Jesus is rare among them in having been born to deep poverty, then embracing absolute poverty, and yet feeling only pity for the rich. Poor wretches.

          I can’t quite join him in that, but I aspire to it.

          • talmoore
            talmoore  September 14, 2017

            I mean our innate aversion to other people’s avarice, not our own. We love to be greedy. We don’t love others to be greedy.

  3. Avatar
    Eric  September 7, 2017

    Hilarious, and I would say philosophically non-trivial. Does get rewarded by not having to drink from the Lethe, so he can enjoy his improved state for eternity?

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    timber84  September 7, 2017

    Have you done any research on Pascal’s Wager? I am interested in reading a book about Blaise Pascal and Pascal’s Wager. Can you recommend any books on the subject?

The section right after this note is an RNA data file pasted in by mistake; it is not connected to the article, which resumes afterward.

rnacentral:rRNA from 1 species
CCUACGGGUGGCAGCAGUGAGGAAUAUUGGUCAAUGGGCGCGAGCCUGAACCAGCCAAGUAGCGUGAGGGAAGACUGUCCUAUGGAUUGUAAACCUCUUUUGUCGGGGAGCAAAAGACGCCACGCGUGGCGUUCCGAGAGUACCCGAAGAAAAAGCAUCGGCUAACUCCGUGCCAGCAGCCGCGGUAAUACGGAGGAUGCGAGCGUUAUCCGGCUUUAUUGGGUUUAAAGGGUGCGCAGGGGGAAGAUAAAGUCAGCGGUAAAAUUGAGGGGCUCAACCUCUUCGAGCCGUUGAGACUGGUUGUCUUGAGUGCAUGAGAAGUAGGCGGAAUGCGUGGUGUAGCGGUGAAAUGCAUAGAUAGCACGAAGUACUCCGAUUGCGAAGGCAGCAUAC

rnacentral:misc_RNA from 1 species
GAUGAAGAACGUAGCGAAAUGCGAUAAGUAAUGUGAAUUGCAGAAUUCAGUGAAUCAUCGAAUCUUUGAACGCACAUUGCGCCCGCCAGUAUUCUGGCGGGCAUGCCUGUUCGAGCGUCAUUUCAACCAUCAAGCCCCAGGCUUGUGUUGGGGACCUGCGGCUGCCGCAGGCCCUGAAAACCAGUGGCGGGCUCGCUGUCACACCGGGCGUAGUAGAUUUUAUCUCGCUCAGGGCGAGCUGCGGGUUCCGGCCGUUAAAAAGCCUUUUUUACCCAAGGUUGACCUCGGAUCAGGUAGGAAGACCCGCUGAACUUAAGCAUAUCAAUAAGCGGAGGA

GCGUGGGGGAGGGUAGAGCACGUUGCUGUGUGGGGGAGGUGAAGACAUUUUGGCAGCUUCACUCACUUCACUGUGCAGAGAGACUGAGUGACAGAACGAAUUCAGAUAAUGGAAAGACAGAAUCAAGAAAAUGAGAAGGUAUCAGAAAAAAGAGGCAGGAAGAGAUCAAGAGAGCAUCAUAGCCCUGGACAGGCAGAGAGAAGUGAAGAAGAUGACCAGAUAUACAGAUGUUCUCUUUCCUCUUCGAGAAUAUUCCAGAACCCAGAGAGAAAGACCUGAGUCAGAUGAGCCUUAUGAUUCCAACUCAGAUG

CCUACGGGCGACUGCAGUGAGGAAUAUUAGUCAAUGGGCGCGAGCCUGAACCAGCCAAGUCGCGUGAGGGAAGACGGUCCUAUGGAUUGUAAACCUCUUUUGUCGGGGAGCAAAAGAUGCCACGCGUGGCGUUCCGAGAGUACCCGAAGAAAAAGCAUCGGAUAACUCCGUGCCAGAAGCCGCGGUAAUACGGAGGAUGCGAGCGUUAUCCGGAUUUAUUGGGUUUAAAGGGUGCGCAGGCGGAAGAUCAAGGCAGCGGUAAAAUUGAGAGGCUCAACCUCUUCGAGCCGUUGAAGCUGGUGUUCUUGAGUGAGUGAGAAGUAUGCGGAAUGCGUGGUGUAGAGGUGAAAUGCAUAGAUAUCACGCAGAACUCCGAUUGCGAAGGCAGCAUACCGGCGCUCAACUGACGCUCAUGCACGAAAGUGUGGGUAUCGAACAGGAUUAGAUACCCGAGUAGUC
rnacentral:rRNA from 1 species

• Bart
      Bart  September 8, 2017

      I don’t know of any books about it. It’s a pretty simple wager, and in my view far too simplistic (as if one’s eternity is based on correctly answering a one-question true-false exam….)

    • Avatar
      SidDhartha1953  September 11, 2017

      It’s not a book, but I found this:
      Geoffrey Brown, in “A Defence of Pascal’s Wager,” (1984) (http://www.jstor.org/stable/20006079?seq=1#page_scan_tab_contents) states Pascal’s argument as follows:
      “(1) Either God exists or He does not.
      “(2) Reason cannot tell us whether He exists or not.
      “(3) If he exists, then those who believe in Him will be rewarded with an infinity of infinitely happy life.